Code last year: (SCH-22806)
|Teaching method||Contact hours|
|Course coordinator(s)||ir. CAA Butijn|
|Lecturer(s)||ir. CAA Butijn|
|dr. ir. LPA Steenbekkers|
|dr. S Wahlen|
|Examiner(s)||ir. CAA Butijn|
Language of instruction:
Thesis Consumer Technology and Product Use at SCH or FQD.
This course addresses the interfaces between consumers and technology. In the course we unravel how the use of technologies affects consumers. But we also look at how consumers through their everyday practices affect technologies and material outcomes. We perceive consumption as consisting of practices in which both material (such as technologies) and human (such as values, norms and habits) aspects come together. Furthermore, we consider the household as a primary locus of consumption. Together material and immaterial aspects lead to consumer services (output), such as a meal or a clean laundry. But they may also cause undesired side-effects (side-put) such as health risks and pollution. In order to understand the making of such outputs and side-puts, an understanding of the interrelatedness of material and human factors is considered crucial.
Innovation and change in consumption practices are important themes within this course. To understand change, again an integrated perspective on human and material factors is essential. Technological innovation may propel change, but also the way in which humans value and use existing technologies can lead to changes. Those changes may have great consequences for sustainability, health and hygiene. With the same integrated approach, in which attention for material factors is combined with human factors, we also address quality issues of technology and technology assessments. With respect to consumer technological research applied research and assessment models will be discussed, hailing from both the natural and the social sciences.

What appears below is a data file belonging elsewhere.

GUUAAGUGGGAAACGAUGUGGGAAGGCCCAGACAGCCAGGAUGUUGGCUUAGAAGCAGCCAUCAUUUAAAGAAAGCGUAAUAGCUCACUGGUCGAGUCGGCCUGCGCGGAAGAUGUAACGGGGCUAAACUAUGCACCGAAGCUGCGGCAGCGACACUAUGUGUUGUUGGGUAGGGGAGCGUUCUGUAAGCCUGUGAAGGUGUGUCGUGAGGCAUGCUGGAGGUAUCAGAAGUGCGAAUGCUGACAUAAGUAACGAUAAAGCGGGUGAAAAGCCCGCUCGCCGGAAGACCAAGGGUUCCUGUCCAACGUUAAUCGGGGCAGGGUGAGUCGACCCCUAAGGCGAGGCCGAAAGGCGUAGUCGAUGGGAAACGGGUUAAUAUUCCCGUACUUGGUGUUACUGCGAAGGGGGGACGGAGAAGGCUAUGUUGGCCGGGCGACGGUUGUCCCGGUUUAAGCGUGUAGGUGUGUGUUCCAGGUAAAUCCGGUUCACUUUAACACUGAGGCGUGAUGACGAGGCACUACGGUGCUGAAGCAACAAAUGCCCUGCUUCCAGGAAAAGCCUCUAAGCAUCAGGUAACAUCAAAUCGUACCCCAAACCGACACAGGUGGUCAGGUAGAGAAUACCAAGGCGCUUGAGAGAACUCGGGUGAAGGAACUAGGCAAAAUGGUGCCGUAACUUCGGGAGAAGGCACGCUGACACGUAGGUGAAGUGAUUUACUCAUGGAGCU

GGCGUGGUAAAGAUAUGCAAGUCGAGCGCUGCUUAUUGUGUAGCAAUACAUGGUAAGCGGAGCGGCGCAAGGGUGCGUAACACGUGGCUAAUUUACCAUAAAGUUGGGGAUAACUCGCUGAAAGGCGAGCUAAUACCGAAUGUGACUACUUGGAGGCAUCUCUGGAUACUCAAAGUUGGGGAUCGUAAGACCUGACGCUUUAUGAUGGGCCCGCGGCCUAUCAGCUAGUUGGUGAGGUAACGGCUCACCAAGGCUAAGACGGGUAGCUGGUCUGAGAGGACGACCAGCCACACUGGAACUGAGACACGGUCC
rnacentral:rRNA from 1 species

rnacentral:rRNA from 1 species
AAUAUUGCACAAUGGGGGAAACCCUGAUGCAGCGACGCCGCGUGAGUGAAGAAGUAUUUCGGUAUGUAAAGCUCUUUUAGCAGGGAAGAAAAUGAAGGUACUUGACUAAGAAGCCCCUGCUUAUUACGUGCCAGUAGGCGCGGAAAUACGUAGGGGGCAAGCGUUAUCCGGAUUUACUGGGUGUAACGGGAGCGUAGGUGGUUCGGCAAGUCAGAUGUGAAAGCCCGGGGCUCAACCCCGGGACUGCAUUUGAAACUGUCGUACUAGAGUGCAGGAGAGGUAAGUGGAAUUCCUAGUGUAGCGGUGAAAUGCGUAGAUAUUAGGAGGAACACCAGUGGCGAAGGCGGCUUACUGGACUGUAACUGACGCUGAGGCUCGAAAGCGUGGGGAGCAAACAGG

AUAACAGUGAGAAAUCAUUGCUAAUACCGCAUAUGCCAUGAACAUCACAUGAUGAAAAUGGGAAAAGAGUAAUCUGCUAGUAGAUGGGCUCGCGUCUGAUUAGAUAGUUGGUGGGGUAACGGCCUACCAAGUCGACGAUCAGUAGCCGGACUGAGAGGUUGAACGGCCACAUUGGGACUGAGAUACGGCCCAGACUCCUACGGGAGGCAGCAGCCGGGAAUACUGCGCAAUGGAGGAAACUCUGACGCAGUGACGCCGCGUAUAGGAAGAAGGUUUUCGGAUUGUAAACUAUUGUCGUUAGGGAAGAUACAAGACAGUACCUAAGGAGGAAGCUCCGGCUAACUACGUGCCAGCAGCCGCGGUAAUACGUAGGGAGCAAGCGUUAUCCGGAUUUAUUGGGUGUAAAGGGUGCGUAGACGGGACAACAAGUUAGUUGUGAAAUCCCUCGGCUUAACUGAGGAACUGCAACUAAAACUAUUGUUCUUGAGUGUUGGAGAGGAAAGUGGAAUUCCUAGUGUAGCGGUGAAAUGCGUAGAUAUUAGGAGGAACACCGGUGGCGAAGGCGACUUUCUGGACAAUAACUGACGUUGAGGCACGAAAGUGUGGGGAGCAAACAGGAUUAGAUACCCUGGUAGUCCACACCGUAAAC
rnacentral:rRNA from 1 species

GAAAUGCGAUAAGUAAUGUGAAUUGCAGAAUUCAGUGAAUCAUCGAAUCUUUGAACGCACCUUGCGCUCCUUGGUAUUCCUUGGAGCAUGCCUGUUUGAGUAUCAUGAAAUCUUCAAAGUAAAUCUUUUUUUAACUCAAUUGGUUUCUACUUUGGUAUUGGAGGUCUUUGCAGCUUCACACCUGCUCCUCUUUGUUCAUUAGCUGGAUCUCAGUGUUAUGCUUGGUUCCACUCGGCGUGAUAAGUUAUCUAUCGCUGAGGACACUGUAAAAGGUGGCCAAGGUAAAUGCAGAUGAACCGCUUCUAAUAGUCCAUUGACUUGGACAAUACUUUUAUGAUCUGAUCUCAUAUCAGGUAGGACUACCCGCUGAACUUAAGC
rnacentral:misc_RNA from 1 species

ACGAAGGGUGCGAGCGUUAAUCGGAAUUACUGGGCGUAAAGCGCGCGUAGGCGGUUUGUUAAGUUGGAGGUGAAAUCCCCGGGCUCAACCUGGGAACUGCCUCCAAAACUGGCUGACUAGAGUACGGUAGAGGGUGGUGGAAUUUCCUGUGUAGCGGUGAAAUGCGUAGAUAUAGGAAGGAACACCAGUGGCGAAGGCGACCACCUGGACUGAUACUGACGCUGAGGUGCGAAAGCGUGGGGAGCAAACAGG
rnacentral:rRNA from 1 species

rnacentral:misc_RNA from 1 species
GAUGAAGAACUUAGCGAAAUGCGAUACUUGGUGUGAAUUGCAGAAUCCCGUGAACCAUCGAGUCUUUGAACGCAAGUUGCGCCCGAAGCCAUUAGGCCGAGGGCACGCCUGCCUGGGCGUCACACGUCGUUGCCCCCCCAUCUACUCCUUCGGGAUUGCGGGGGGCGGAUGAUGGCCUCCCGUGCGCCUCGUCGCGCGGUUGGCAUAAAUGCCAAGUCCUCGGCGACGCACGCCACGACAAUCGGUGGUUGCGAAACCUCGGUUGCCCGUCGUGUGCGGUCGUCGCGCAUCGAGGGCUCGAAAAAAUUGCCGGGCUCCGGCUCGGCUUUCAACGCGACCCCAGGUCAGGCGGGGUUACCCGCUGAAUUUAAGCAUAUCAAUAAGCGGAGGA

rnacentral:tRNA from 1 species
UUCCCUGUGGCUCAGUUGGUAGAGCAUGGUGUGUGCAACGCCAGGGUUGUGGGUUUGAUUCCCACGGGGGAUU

After successful completion of this course students are expected to be able to:
- explain consumption practices as consisting of both human and material factors;
- interpret the household as a primary locus of consumption;
- analyse the interaction between human and material factors in consumption practices;
- evaluate the effects of consumption practices in the household to health and the environment;
- assess consumer perspectives in a specific domain of consumption;
- design and execute a research from a consumer perspective investigating a specific set of consumption practices in the household, in which both human and material factors are distinguished.
Lectures on topics such as:
- concepts of consumer technology;
- household system and function fulfilment;
- effects of technical processes and innovations;
- health and hygiene;
- technology assessment.
- students prepare a research proposal and do a research on a topic relating to consumers and technology.
- written with open and/or closed questions (50%);
- group paper (50%).
Both components require a minimum of 5.50.
A reader will be available at the start of the course.
|Restricted Optional for:||MME||Management, Economics and Consumer Studies||MSc||B: Consumer Studies||2MO|
|Compulsory for:||WUCBH||BSc Minor Consumer Behaviour||2MO|